An ant species in Africa that hunts and eats termites rescues and care for those ants that are injured in the hunt. This, according to a new study by German and Swiss researchers.
Africa’s Matabele ants (Megaponera analis) go into harm’s way to save nest-mates injured on the field of battle. Those ants that are damaged calls for assistance with a special chemical signal, pheromones, from a particular gland. Their companions then lick their wounds, something that will probably help prevent infections.
According to researchers, this caring behavior can reduce mortality among injured individuals from 80 percent down to 10 percent.
“It’s not about self-medication, which is known for many animals, but rather a treatment from peers who, through intense slimming of the wound, is likely to prevent an infection,”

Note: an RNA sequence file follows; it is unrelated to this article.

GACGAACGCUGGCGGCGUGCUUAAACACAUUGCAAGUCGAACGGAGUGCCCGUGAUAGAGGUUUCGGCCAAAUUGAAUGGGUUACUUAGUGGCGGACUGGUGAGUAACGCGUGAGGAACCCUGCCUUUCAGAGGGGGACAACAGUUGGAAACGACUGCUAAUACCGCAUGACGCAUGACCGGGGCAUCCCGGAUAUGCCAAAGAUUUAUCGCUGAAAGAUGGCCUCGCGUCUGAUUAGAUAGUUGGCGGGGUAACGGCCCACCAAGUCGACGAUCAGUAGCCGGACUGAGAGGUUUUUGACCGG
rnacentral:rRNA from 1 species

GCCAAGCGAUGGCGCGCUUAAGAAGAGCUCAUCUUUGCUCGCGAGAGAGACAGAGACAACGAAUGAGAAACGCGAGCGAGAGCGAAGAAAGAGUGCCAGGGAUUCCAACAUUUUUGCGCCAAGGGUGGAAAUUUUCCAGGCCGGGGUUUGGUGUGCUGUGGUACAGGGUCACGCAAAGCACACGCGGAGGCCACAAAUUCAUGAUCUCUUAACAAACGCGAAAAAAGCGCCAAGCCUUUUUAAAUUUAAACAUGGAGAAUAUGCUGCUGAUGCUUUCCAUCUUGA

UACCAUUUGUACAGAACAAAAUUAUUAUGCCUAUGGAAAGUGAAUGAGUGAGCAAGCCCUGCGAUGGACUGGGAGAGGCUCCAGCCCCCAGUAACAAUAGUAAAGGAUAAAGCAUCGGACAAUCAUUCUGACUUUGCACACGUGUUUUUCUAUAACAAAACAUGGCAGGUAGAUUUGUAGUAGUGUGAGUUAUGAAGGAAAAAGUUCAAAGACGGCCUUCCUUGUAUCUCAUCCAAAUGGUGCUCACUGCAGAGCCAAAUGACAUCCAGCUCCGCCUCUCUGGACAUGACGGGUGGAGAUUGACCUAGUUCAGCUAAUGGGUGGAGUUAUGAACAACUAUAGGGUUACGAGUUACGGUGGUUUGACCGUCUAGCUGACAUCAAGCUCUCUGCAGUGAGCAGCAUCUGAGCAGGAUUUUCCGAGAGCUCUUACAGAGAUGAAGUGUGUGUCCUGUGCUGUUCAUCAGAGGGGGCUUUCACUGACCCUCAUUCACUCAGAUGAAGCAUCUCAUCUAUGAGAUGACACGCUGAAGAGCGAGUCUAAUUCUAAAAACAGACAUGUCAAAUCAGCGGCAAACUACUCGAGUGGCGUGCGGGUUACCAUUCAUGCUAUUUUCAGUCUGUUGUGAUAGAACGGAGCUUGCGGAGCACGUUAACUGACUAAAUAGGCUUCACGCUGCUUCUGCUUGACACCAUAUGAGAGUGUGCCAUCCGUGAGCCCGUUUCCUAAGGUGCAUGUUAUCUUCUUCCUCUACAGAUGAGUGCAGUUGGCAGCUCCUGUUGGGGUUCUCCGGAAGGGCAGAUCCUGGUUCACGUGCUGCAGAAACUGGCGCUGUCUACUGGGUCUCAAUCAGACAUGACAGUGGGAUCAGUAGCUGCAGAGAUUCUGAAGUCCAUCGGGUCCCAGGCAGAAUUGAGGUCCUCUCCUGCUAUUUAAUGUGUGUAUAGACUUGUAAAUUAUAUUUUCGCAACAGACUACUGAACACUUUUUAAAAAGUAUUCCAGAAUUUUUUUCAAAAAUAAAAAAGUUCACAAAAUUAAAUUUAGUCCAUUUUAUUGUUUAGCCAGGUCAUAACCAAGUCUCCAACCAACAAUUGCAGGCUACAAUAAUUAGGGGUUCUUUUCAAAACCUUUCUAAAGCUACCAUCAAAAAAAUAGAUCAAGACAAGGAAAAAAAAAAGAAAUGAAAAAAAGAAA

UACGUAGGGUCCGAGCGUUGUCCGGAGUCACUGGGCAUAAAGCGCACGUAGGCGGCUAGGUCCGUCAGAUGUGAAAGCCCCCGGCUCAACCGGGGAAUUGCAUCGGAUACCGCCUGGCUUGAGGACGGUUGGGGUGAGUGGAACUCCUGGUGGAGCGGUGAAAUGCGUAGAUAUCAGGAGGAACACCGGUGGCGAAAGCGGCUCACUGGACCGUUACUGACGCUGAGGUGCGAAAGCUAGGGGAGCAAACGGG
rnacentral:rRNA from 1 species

– Ph.D. student Erik Frank
Frank is one of the researchers behind the study conducted at Julius Maximilian University in Germany and Lausanne University in Switzerland.
The study shows that most of the treated ants — 90%—survived for 24 hours, but only 20% survived if researchers prevented them from being groomed by nest-mates.
It’s not clear what the grooming does exactly, but the researchers think the ants clear away dirt and apply antimicrobial chemicals to the wounds to guard against infection.
The article is published in the journal The Proceedings of the Royal Society B.
Erik Thomas Frank*, Thomas Schmitt et al. Saving the injured: Rescue behavior in the termite-hunting ant Megaponera analis DOI: 10.1126/sciadv.1602187